As a result of job losses, no income and threatened livelihoods, there has already been an increase in poaching and exploitation of the environment. This is expected to get worse as our economic environment declines. As the government and private landowners are further stressed by the pandemic, their willingness and ability to fund anti-poaching units, reserve management and conservation offices will be reduced considerably.

Poaching for the pot is bad enough for wildlife, but the real risk is poaching for greed through sophisticated and specialised syndicates.

LW van der Merwe, security manager at Tswalu Kalahari Reserve, says the poachers are “extremely busy. They are recruiting now. The lockdown and lay-off of staff have created the perfect world for the poachers to build new networks of informants, and this is unpreventable. My predictions are that we will experience the perfect storm once they find a way around the restrictions”. 

While the word is that the price of rhino horn has dropped substantially, this is a double-edged sword. While the incentive to poach is reduced, those poachers who persist will need to kill more animals to be able to pay their debts or get money to put bread on their tables.

Unfortunately, the reserves are sitting with their hands tied behind their backs. Security operations are focusing on “essential training for essential services”. It is important for anti-poaching operations to gain a better understanding of the modus operandi of poaching syndicates during the pandemic.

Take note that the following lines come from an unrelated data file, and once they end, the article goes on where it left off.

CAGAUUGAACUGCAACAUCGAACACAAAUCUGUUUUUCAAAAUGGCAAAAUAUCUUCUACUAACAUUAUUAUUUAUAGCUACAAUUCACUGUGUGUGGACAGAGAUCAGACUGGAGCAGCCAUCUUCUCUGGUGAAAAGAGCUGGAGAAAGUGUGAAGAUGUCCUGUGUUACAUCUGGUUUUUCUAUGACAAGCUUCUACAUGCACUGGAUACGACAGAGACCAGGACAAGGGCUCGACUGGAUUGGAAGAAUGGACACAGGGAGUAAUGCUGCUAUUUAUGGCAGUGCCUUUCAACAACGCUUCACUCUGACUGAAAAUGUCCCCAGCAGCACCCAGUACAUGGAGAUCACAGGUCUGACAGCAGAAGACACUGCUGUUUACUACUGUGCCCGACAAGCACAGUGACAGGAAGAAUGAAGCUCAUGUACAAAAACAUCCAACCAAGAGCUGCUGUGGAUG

These incidents not only threaten wildlife, fauna and flora but the very efforts of conservation research, policies, and regulation, as well as determination to maintain and increase biodiversity.

It further raises alarms for potential future outbreaks as Covid-19, SARS and MERS were the result of animal to human pathogen infection. An increase in unregulated or illegal trade may result in a different pandemic altogether.

Pangolin poaching for their scales has far surpassed that of rhino horn, and photos of bags of scales from hundreds of dead pangolins are a regular event. There is, however, hope that pressure will be placed on informal markets to cease the sale of animals that could transmit viruses to humans. It is widely recognised that Covid-19 comes from fruit bats, and that the consumption of a secondary host, possibly a pangolin, could have transmitted the virus to humans.

An important environmental impact is therefore public perception of new infectious diseases. It is thought that 75% of all new infectious diseases come from consuming animals.

We know that our economy and our people cannot survive indefinite periods of lockdown or paralysis on productivity. We also know that the pre-coronavirus way of going about our business and industry is over. No doubt the wildlife industry will have to adapt to survive. We will need to be innovative and will need to rely on partnerships more than ever before — partnerships between the government, business and the public.

• Dr MacFadyen is head of research and conservation at Oppenheimer Generations.